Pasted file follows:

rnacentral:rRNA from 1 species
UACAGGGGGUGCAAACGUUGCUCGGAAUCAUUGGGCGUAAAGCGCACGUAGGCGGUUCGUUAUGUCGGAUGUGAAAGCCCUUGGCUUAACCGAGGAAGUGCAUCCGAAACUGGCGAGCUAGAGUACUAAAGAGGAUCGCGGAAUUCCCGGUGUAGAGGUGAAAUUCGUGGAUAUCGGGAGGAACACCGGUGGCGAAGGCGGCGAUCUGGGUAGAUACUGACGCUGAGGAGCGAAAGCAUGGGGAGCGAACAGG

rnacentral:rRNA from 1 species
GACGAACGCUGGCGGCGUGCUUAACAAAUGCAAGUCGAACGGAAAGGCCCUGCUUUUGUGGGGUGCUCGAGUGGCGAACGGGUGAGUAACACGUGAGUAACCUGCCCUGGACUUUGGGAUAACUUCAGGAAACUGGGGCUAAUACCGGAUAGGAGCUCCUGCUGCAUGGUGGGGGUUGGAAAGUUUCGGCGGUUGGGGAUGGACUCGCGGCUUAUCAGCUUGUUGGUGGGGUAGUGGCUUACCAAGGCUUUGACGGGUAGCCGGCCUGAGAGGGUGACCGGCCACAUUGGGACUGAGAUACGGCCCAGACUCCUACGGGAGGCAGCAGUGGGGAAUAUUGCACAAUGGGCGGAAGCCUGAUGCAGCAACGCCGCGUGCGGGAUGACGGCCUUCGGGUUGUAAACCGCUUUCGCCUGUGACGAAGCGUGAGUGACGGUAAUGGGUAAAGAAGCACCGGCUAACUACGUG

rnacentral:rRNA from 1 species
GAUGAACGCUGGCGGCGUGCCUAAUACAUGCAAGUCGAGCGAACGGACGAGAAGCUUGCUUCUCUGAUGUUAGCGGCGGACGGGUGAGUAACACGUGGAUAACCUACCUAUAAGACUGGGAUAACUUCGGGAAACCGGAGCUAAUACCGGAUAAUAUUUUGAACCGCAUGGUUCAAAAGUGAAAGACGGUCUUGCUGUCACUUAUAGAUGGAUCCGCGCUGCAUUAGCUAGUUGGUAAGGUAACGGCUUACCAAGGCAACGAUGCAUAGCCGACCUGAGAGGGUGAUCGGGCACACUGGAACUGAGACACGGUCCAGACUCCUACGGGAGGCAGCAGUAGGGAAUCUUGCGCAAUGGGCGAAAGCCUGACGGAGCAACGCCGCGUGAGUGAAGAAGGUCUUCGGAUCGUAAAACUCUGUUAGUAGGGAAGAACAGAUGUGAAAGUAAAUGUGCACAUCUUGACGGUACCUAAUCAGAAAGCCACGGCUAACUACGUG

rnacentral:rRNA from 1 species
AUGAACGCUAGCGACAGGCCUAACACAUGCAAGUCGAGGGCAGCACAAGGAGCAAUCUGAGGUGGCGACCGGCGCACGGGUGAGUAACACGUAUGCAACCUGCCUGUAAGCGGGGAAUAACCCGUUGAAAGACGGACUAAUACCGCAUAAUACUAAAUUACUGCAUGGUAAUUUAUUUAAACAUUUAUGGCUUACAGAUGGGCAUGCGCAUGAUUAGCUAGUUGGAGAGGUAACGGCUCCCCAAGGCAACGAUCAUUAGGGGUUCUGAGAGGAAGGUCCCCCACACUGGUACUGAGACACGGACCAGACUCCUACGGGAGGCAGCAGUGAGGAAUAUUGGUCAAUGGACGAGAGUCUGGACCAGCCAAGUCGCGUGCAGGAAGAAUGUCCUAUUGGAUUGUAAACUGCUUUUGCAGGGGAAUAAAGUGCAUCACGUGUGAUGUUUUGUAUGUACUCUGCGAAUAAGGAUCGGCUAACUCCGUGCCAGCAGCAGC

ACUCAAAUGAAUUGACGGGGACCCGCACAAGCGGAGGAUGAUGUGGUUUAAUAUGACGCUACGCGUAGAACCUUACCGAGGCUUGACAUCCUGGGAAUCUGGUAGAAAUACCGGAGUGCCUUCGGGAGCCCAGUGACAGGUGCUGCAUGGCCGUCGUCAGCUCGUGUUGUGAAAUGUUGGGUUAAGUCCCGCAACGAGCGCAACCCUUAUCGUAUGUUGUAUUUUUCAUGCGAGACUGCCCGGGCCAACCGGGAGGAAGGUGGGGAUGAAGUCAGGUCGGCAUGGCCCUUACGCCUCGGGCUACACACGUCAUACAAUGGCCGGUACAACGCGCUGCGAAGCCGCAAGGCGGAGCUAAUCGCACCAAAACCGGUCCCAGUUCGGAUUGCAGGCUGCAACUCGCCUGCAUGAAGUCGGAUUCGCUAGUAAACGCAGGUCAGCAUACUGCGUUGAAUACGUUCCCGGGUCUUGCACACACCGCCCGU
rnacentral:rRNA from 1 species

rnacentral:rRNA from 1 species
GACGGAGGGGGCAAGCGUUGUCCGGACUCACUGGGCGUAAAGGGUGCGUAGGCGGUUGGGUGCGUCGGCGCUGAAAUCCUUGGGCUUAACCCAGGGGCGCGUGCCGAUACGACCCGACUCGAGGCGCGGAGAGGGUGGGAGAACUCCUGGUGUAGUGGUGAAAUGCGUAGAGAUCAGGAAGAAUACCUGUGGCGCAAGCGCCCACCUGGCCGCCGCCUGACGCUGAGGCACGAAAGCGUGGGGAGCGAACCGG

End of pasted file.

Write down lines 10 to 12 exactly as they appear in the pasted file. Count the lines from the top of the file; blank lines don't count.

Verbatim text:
rnacentral:rRNA from 1 species

rnacentral:rRNA from 1 species
GACGGAGGGGGCAAGCGUUGUCCGGACUCACUGGGCGUAAAGGGUGCGUAGGCGGUUGGGUGCGUCGGCGCUGAAAUCCUUGGGCUUAACCCAGGGGCGCGUGCCGAUACGACCCGACUCGAGGCGCGGAGAGGGUGGGAGAACUCCUGGUGUAGUGGUGAAAUGCGUAGAGAUCAGGAAGAAUACCUGUGGCGCAAGCGCCCACCUGGCCGCCGCCUGACGCUGAGGCACGAAAGCGUGGGGAGCGAACCGG